Sprint Fidelis® Model 6949 Lead Performance

March 13, 2009

Dear Doctor:

Medtronic is committed to keeping you informed about Sprint Fidelis lead performance and our ongoing vigilance efforts. To that end, we are providing the following summary of our most recent review of performance data and Medical Device Reports (MDR or MedWatch reports) with Medtronic’s Independent Physician Quality Panel, and the Panel’s updated patient management recommendations.

Lead Performance Update

Since the October 15, 2007 communication about the Sprint Fidelis family of leads, Medtronic and the Independent Physician Quality Panel have continued to analyze performance data from the Medtronic System Longevity Study (SLS) and the Medtronic CareLink® Network, as well as recent third party data. Table 1 below shows lead survival data for Sprint Fidelis from the SLS, the Medtronic CareLink Network and from third party reports at 30 to 45 months from implant recently reviewed by the Panel.

Table 1: Sprint Fidelis Lead Survival Comparison

Data Source Sample Size (Leads) 30 Months 36 Months 45 Months

SLS (Model 6949)





CareLink Network
(Model 6949)





Hauser et al., HeartRhythm Journal online
Accepted Feb 2009





Krahn et al., HeartRhythm Journal online
Accepted Jan 2009


(32 months)



VA National ICD Surveillance Program Chun et al.



(38.4 months)

(41.9 months)

In addition, there is a recent publication by Farwell, et al., (HeartRhythm, 2008; 5:1375- 1379) that is a subset of Krahn et al.

Review of Medical Device Reports

Approximately 268,000 Fidelis leads have been implanted worldwide. The FDA’s MAUDE database currently has 107 Medical Device Reports (MDRs) that include allegations that the Fidelis lead may have caused or contributed to a patient death. Most of these MDRs were not initiated by medical professionals; the majority were initiated by family members or attorneys with minimal supporting data. Medtronic’s Independent Physician Quality Panel has reviewed 89 of the 107 reports. It is not possible to determine cause of death with certainty.

The Panel has identified 13 patient deaths in which a Sprint Fidelis lead fracture may have been a possible or likely contributing factor. The Panel noted that four of the 13 deaths were associated with lead extraction, highlighting the risks associated with that procedure. With the exception of the appearance of deaths associated with lead extraction, no new or unexpected trends have been observed.

Patient Management Recommendations

In consultation with the Independent Physician Quality Panel, our patient management recommendations are as follows:

  • When a lead fracture is suspected or confirmed, we strongly recommend prompt patient attention. Patients should contact their physician without delay if they experience unexpected shocks.
  • The Lead Integrity Alert (LIA) is expected to provide three days advance notice prior to inappropriate therapy to 76% of the patients with lead fractures. As a result, we strongly recommend that all Sprint Fidelis patients who have the ability to upgrade to Lead Integrity Alert do so promptly.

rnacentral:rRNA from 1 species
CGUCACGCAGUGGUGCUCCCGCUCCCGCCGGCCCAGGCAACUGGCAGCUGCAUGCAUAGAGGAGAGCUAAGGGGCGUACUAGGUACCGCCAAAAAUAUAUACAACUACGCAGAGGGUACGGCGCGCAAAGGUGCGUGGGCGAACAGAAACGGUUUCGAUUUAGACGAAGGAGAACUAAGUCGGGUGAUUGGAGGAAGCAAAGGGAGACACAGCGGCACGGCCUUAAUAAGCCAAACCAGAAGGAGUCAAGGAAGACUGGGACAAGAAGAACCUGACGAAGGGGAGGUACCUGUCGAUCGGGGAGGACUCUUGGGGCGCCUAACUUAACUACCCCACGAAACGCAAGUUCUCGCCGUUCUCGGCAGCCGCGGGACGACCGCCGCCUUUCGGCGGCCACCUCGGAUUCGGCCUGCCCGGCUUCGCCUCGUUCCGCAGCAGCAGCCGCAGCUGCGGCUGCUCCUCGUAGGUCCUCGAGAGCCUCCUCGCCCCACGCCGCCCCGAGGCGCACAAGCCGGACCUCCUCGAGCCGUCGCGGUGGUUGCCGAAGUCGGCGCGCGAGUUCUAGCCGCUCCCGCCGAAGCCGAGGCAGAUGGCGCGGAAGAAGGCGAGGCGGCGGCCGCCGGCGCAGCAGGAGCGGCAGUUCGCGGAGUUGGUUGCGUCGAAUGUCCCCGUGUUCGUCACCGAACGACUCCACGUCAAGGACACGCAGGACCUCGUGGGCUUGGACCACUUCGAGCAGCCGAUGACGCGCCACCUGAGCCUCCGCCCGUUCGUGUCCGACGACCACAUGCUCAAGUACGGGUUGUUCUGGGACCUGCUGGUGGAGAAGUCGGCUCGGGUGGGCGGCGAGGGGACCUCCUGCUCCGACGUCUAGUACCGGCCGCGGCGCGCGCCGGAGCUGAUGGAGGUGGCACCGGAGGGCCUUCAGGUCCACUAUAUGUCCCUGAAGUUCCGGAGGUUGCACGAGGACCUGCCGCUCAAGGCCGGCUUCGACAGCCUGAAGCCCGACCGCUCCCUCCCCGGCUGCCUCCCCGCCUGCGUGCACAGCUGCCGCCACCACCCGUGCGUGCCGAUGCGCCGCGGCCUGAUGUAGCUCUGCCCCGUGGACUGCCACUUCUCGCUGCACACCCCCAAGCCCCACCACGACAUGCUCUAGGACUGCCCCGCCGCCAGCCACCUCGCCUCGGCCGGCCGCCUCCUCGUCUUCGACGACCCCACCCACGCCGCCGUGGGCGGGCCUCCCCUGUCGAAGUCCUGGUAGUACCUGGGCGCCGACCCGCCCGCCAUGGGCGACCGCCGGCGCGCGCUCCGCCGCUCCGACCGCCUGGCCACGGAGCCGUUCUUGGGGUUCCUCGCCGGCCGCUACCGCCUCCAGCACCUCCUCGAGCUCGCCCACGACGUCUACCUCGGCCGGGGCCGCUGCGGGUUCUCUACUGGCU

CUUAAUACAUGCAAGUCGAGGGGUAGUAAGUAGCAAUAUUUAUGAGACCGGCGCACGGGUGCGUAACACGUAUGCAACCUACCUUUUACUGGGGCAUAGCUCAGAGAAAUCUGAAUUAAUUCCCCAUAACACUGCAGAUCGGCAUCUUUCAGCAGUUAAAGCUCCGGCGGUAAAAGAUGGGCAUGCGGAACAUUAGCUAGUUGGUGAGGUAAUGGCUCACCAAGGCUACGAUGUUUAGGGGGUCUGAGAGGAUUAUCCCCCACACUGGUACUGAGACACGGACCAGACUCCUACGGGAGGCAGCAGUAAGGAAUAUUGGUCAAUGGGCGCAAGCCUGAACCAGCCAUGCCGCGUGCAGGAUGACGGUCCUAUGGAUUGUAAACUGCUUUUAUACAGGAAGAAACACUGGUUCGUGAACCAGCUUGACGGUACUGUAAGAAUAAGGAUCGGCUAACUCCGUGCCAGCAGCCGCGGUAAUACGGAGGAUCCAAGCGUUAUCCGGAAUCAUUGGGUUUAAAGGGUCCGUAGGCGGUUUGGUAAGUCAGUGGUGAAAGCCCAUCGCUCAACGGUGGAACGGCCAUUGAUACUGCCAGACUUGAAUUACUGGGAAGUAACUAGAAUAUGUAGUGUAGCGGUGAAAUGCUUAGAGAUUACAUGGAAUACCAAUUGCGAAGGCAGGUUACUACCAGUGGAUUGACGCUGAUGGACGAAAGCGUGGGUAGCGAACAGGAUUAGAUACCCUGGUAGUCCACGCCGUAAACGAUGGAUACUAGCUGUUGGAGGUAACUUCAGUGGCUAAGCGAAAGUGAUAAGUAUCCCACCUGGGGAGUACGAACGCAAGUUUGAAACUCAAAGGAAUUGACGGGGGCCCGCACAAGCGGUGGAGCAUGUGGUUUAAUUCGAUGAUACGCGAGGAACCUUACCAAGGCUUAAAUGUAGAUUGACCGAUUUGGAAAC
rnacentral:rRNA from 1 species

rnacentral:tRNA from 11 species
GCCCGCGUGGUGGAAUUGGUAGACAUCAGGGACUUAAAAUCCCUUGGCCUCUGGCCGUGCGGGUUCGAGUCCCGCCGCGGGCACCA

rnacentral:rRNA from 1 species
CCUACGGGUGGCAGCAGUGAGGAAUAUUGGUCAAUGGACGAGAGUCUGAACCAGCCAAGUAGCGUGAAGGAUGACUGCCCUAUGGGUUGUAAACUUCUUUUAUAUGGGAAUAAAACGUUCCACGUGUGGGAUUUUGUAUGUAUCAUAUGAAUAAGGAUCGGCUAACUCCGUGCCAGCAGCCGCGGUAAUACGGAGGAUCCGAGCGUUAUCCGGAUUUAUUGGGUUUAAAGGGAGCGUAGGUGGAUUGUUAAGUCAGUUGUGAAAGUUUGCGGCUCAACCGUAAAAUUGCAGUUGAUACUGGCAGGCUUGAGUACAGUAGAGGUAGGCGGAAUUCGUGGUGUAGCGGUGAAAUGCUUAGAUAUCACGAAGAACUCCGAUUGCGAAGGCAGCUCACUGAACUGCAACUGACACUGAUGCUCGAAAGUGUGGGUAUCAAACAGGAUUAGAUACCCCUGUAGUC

• The risk of prophylactic intervention appears to be greater than the risk of serious injury resulting from lead fracture even for pacemaker dependent patients, except in select individual patient circumstances as determined by the physician.
  • Special circumstances may apply to device change-out or upgrade procedures when a lead fracture has not occurred. At least four options are available, each of which carries risks and benefits that should be taken into consideration:
    • Leave a properly performing lead intact; this is likely to be the best choice for the majority of patients.
    • Place a new ICD lead without extraction of the existing lead.
    • Place a pace sense lead without the extraction of the existing lead. This option reflects the observation that approximately 90 percent of Fidelis failures are related to fractures in the pace sense circuit. It is unknown what the failure rate of the high voltage conductor would be should a pace sense conductor failure occur in the existing Sprint Fidelis lead.
    • Unusual patient circumstances may warrant extracting and implanting a new ICD lead. Factors to consider when making this decision include patient life expectancy, age and co-morbidities, number of implanted leads and duration of implant, and patient preference. Medtronic’s Independent Physician Quality Panel recommends that if a lead requires removal, the procedure be performed by a physician with extensive lead extraction experience. (A new HRS consensus document on lead extraction is expected to be available in May, 2009.)

Keeping Physicians Informed

To keep you informed, Medtronic continues to provide two ways to access regularly updated Sprint Fidelis® lead performance data. The Product Performance Report (PPR) contains SLS performance data for the Sprint Fidelis lead and other Medtronic leads and devices. The PPR is updated and published every six months with both current and past reports available at www.CRDMPPR.medtronic.com. Medtronic continues to post quarterly Sprint Fidelis lead performance updates from both SLS and Medtronic CareLink® online at www.medtronic.com/fidelis.

Medtronic continues to be committed to answering your questions and keeping you informed. If you have any questions or concerns, please contact your Medtronic Representative or Medtronic Technical Services at 1-800-723-4636 (US).



Tim Samsel
Vice President, Quality and Regulatory
Medtronic Cardiac Rhythm Disease Management
Medtronic, Inc.